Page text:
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Lamentations 3:5

Context

3:5 He has besieged 1  and surrounded 2  me

with bitter hardship. 3 

Lamentations 3:15

Context

3:15 He has given me my fill of bitter herbs

and made me drunk with bitterness. 4 

1 tn Heb “he has built against me.” The verb בָּנָה (banah, “to build”) followed by the preposition עַל (’al, “against”) often refers to the action of building siege-works against a city, that is, to besiege a city (e.g., Deut 20:2; 2 Kgs 25:1; Eccl 9:14; Jer 52:4; Ezek 4:2; 17:17; 21:27). Normally, an explicit accusative direct object is used (e.g., מָצוֹד [matsor] or מָצוֹדִים [matsorim]); however, here, the expression is used absolutely without an explicit accusative [BDB 124 s.v. בָּנָה 1a.η]).

2 tn The verb נָקַף (naqaf, “to surround”) refers to the military action of an army surrounding a besieged city by placing army encampments all around the city, to prevent anyone in the city from escaping (2 Kgs 6:14; 11:8; Pss 17:9; 88:18; Job 19:6).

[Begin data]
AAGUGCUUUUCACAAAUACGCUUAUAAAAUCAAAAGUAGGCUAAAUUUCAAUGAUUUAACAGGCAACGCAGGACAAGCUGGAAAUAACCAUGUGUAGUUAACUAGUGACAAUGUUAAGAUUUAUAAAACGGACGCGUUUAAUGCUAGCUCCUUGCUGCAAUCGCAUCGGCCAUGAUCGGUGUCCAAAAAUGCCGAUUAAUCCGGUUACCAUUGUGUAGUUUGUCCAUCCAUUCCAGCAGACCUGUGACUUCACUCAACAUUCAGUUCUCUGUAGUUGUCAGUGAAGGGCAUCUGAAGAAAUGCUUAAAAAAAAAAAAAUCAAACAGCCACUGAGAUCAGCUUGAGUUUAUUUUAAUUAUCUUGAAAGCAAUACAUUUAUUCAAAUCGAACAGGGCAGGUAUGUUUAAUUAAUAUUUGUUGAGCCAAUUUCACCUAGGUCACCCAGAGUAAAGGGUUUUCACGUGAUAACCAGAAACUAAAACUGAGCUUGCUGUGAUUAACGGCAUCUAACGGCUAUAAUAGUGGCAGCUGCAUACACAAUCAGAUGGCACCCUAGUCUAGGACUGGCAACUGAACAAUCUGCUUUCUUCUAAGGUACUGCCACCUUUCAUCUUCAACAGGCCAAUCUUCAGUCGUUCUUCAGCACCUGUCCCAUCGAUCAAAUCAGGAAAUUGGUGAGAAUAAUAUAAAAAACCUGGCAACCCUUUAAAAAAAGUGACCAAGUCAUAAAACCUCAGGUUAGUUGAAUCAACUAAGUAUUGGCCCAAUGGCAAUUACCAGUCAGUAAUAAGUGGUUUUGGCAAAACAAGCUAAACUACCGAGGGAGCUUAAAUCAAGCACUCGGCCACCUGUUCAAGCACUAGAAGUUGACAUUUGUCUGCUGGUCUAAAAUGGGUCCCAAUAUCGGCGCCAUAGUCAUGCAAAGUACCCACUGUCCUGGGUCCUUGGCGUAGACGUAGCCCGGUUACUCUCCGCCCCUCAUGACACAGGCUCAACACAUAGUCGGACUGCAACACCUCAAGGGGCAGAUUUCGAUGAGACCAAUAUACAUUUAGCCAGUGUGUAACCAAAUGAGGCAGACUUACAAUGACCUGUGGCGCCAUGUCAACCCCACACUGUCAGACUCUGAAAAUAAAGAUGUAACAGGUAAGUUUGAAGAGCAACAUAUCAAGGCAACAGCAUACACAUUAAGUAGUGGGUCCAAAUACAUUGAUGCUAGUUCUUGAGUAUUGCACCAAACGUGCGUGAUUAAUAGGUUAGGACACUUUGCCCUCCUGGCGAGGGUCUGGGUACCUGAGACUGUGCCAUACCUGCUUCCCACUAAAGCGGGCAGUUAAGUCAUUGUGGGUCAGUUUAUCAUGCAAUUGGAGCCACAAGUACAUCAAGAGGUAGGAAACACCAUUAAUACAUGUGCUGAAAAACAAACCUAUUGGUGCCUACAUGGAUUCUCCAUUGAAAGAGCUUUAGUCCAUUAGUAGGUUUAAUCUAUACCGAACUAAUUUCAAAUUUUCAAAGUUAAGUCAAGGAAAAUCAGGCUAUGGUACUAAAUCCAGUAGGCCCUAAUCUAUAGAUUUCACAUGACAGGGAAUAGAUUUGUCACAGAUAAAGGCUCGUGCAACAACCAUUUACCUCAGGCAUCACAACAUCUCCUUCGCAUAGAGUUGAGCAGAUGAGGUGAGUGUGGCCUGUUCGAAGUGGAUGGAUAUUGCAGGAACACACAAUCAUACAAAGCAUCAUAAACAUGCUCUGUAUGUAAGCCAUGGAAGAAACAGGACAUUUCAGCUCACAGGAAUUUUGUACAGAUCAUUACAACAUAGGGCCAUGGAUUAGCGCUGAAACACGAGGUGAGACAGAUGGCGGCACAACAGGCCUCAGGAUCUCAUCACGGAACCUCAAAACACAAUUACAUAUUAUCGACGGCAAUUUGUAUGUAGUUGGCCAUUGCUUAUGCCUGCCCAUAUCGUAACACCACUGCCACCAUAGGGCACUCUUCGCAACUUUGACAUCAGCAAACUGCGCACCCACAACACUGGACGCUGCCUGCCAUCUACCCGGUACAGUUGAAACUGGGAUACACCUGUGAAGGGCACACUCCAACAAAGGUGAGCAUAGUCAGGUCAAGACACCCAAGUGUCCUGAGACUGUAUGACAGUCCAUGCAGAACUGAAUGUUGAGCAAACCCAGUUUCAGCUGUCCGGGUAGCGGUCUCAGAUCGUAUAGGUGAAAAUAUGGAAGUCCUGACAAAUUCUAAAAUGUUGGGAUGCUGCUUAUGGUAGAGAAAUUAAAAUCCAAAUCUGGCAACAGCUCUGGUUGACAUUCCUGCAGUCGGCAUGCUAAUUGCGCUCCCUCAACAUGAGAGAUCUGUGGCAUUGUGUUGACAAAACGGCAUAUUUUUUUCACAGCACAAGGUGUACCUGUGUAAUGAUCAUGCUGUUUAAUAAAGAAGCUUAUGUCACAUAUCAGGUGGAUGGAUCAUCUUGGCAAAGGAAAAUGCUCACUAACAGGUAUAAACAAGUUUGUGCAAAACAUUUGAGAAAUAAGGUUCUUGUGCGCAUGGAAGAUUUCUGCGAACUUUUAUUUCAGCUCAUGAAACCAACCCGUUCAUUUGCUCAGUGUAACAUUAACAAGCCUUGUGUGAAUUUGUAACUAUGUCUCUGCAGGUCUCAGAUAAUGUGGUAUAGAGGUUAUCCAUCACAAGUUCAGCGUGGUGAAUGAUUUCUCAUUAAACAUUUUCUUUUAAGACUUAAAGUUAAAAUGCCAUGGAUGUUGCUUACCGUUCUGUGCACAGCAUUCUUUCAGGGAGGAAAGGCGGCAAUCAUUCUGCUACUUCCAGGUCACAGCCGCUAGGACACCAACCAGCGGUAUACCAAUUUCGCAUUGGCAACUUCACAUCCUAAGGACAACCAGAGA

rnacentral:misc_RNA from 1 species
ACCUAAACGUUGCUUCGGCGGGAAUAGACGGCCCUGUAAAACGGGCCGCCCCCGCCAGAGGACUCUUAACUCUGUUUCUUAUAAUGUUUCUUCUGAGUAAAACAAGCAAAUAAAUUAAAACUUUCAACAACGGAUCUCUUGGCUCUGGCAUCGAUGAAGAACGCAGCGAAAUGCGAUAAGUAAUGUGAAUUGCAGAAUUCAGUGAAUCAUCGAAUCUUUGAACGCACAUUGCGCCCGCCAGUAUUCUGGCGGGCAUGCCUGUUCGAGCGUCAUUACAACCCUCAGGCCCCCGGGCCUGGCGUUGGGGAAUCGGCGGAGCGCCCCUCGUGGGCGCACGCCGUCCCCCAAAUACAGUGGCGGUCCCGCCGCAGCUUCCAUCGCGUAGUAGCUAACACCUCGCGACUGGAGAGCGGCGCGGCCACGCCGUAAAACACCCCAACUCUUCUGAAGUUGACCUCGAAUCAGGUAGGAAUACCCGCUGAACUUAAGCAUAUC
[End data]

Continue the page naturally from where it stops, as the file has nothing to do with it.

3 tn Heb “with bitterness and hardship.” The nouns רֹאשׁ וּתְלָאָה (rosh utÿlaah, lit. “bitterness and hardship”) function as adverbial accusatives of manner: “with bitterness and hardship.” The two nouns רֹאשׁ וּתְלָאָה (rosh utÿlaah, “bitterness and hardship”) form a nominal hendiadys: the second retains its full nominal sense, while the first functions adverbially: “bitter hardship.” The noun II רֹאשׁ (rosh, “bitterness”) should not be confused with the common homonymic root I רֹאשׁ (rosh, “head”). The noun תְּלָאָה (tÿlaah, “hardship”) is used elsewhere in reference to the distress of Israel in Egypt (Num 20:14), in the wilderness (Exod 18:8), and in exile (Neh 9:32).

4 tn Heb “wormwood” or “bitterness” (BDB 542 s.v. לַעֲנָה; HALOT 533 s.v. לַעֲנָה).



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